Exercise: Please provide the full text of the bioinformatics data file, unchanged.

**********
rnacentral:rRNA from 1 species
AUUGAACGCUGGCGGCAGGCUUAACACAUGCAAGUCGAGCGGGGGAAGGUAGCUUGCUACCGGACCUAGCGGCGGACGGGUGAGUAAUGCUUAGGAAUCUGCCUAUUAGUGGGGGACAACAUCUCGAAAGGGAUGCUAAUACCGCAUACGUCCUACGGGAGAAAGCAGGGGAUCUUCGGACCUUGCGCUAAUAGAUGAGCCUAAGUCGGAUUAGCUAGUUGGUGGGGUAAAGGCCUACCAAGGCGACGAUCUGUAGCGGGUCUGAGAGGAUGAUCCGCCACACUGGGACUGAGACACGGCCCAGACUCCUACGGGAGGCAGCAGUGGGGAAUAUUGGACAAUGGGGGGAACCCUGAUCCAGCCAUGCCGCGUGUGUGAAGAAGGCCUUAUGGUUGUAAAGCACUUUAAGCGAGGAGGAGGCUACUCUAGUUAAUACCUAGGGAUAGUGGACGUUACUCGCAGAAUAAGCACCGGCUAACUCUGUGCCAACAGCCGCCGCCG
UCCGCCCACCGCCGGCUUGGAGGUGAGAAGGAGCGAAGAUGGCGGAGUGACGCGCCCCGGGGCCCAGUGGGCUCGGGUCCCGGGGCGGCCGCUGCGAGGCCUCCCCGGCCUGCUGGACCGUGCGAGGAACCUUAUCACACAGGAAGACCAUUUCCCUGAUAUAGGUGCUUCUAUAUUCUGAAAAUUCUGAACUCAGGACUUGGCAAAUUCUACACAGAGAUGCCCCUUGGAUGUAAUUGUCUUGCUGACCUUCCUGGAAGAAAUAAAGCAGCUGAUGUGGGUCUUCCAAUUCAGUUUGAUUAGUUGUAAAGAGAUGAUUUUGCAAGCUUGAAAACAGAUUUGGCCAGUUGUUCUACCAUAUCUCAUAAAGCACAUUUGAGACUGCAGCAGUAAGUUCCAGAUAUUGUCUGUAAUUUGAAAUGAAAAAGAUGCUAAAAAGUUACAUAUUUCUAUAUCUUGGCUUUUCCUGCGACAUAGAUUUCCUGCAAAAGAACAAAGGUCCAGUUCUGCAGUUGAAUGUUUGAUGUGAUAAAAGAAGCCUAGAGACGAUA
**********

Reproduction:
rnacentral:rRNA from 1 species
AUUGAACGCUGGCGGCAGGCUUAACACAUGCAAGUCGAGCGGGGGAAGGUAGCUUGCUACCGGACCUAGCGGCGGACGGGUGAGUAAUGCUUAGGAAUCUGCCUAUUAGUGGGGGACAACAUCUCGAAAGGGAUGCUAAUACCGCAUACGUCCUACGGGAGAAAGCAGGGGAUCUUCGGACCUUGCGCUAAUAGAUGAGCCUAAGUCGGAUUAGCUAGUUGGUGGGGUAAAGGCCUACCAAGGCGACGAUCUGUAGCGGGUCUGAGAGGAUGAUCCGCCACACUGGGACUGAGACACGGCCCAGACUCCUACGGGAGGCAGCAGUGGGGAAUAUUGGACAAUGGGGGGAACCCUGAUCCAGCCAUGCCGCGUGUGUGAAGAAGGCCUUAUGGUUGUAAAGCACUUUAAGCGAGGAGGAGGCUACUCUAGUUAAUACCUAGGGAUAGUGGACGUUACUCGCAGAAUAAGCACCGGCUAACUCUGUGCCAACAGCCGCCGCCG
UCCGCCCACCGCCGGCUUGGAGGUGAGAAGGAGCGAAGAUGGCGGAGUGACGCGCCCCGGGGCCCAGUGGGCUCGGGUCCCGGGGCGGCCGCUGCGAGGCCUCCCCGGCCUGCUGGACCGUGCGAGGAACCUUAUCACACAGGAAGACCAUUUCCCUGAUAUAGGUGCUUCUAUAUUCUGAAAAUUCUGAACUCAGGACUUGGCAAAUUCUACACAGAGAUGCCCCUUGGAUGUAAUUGUCUUGCUGACCUUCCUGGAAGAAAUAAAGCAGCUGAUGUGGGUCUUCCAAUUCAGUUUGAUUAGUUGUAAAGAGAUGAUUUUGCAAGCUUGAAAACAGAUUUGGCCAGUUGUUCUACCAUAUCUCAUAAAGCACAUUUGAGACUGCAGCAGUAAGUUCCAGAUAUUGUCUGUAAUUUGAAAUGAAAAAGAUGCUAAAAAGUUACAUAUUUCUAUAUCUUGGCUUUUCCUGCGACAUAGAUUUCCUGCAAAAGAACAAAGGUCCAGUUCUGCAGUUGAAUGUUUGAUGUGAUAAAAGAAGCCUAGAGACGAUA